Friday, 1 July 2011
Home for a Day 2
The last day was links day. Rain. Humid and louring. We go to a number of the important locations and I record a sentence or so to hold the programme together. First thing we head up to the Fisherman's Bastion to catch a little old style gypsy violin in the background. The number 16 bus will take us to the heart of it. We shuffle along the ramparts until there is some musical background then I speak extempore but to a generally agreed point. Next, we look for a quiet cafe to record some more. Having wandered about half an hour we give up in the Bastion district and decide to go the Astoria in Pest instead. We wait for the 16 bus down into town and get on. I sit down in the row before the back next to Elizabeth. Others take their places. At one point I feel a light touch at my side and look around.
I should explain that I carry about a small folder full of necessary cards, a mobile phone and my passport. This bulks out my top pockets but have buttoned pockets at the side, three buttons per pocket so my wallet is in my left side pocket. That is where I feel the tap. Behind me sits a stone faced Japanese man. Two passengers, a girl and a thick set man, have changed places near our end. I feel for my wallet and it's not there. Of course I spend some time checking. The bus moves on. I look behind me. The stony faced Japanese man is behind man next to the thick-set man. Now what I should do is say something like: 'If you give my back my wallet I'll say nothing, otherwise I'm ringing the police right now.' Of course he will look puzzled and cross but might think the better of it and hand it over. It has my driving licence in it and an unusable debit card which has been cancelled because of the previously lost green bag. It has some cash too but not a huge amount. The driving licence and debit card would establish my ownership.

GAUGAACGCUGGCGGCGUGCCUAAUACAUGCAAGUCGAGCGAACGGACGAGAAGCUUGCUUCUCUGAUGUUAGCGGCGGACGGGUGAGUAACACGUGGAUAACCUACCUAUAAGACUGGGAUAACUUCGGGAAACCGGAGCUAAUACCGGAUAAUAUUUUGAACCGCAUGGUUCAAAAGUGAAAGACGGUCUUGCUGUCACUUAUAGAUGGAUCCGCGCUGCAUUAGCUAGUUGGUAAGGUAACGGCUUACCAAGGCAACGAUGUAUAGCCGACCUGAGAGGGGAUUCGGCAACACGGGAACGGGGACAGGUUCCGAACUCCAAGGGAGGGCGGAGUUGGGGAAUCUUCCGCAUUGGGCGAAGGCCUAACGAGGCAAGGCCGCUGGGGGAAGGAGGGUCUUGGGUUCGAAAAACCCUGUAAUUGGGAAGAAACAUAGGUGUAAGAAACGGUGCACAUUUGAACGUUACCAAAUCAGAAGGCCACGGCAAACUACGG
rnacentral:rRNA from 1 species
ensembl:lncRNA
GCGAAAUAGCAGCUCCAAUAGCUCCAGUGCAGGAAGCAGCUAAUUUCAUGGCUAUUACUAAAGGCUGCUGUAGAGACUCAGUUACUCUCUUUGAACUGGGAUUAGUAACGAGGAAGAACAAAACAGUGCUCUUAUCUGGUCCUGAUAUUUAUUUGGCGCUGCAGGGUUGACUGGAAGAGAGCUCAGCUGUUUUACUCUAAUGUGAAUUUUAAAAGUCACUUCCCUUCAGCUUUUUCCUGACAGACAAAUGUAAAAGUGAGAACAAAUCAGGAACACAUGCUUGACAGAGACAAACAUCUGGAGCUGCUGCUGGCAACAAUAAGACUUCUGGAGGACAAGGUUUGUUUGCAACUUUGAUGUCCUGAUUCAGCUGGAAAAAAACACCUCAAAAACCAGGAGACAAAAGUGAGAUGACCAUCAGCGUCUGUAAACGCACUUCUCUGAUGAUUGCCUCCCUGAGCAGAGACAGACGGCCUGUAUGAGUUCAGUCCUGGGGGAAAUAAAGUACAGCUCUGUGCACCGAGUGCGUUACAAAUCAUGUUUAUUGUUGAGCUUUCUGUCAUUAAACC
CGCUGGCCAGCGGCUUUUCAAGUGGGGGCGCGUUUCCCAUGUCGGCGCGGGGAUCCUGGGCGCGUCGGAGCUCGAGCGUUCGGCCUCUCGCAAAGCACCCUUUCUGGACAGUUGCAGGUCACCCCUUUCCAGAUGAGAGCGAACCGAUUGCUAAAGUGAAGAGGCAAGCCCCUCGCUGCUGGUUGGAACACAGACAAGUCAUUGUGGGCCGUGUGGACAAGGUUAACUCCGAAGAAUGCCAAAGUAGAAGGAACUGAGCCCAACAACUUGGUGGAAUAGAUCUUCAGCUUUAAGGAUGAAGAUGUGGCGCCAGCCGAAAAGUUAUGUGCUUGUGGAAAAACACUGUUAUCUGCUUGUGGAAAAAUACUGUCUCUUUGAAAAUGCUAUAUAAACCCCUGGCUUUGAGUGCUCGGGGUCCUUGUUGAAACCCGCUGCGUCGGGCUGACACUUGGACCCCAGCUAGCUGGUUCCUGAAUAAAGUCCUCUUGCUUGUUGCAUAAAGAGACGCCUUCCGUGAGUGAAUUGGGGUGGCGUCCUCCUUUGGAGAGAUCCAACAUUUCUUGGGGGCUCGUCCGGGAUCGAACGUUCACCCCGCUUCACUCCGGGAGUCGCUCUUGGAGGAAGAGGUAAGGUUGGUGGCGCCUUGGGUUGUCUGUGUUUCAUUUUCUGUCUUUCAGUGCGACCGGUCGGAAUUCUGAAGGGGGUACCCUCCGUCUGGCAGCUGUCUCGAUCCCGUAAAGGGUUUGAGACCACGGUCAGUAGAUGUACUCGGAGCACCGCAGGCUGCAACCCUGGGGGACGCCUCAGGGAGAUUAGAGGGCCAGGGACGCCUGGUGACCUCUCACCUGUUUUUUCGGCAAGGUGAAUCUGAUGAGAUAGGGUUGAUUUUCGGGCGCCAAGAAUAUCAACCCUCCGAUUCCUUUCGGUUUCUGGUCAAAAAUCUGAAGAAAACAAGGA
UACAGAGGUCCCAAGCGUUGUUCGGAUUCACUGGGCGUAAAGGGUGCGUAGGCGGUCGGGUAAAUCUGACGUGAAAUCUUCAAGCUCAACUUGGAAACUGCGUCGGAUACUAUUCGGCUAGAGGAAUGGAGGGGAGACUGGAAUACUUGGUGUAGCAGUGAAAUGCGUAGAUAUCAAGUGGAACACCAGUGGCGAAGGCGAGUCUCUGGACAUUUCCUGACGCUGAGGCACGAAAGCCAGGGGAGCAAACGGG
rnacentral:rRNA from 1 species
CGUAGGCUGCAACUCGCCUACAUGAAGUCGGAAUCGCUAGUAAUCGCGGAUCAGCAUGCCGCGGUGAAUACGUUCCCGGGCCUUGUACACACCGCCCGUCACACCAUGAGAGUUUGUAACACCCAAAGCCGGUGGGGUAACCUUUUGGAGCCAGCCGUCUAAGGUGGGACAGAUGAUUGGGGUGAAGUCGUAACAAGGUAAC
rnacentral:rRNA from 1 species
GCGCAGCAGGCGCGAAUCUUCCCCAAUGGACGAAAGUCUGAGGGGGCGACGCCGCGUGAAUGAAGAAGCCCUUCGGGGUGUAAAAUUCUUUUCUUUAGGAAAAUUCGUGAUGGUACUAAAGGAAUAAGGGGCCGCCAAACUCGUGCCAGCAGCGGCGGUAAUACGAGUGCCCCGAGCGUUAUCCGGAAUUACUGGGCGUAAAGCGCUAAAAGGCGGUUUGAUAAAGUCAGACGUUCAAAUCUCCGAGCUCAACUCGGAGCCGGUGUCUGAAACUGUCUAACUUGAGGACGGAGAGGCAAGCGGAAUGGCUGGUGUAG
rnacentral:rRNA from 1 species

Yes, but I don't do this. I am temporarily dazed. And then all three get off at the next stop and my wallet is gone. I have no cash. I ring the hotel in case I have left the wallet there, and I tell Elizabeth and Martin. Inwardly I move from being shocked to shrugging, which is my default position at loss. I have been going to Hungary for twenty-seven years and have never lost anything or had anything stolen. Now twice in a week. When I found my green bag - and I rang the kind man who handed it over in Nyiregyháza - the girls in the hotel remarked that I had had some bad news and some good news. Yes, I replied, but the good news was even better because it came after bad news. Now it was bad news time again.
But work must go on. We record links of trams, we get metro noise, we go to the Astoria for more recording and have lunch there. And I am joking - we are all joking - about the lost wallet. I am, seriously, being encouraged to sound jaunty and excited about nearing the end of my personal 'quest' for the truth about gypsy music. I should put a smile in my voice. I am especially excited, I quip, because I have lost my wallet and have no money. I am even more excited because I am riding in real police car to a proper Budapest police station. I have never been so excited in my life because I am to be charged with bumming rides on public transport and am positively gleeful because I am being arrested. My voice is full of smiles.
Of course I don't go to the police, because there is no time, and we go to the last link in front of the Liszt Music Academy, where I do a personal link (when I was still a child in Budapest our block faced the Academy and there are photo to prove it) and to do a quick summing up. I write the later links for myself as I was getting annoyed with ad libbing to an unwritten script. This works rather better, psychologically at least.
Then we pile into the taxi just as thunder clouds build and arrive at the airport under the full dark anvil. Something on or in me sets off the security alarm so I undergo a more detailed examination. Hands up. Turn. Sit down. Take off your socks. Blah blah.
At Gatwick Elizabeth lends me £50 so I can get home. Wonderful C meets me at the station shortly before midnight. I get home. It's gone midnight.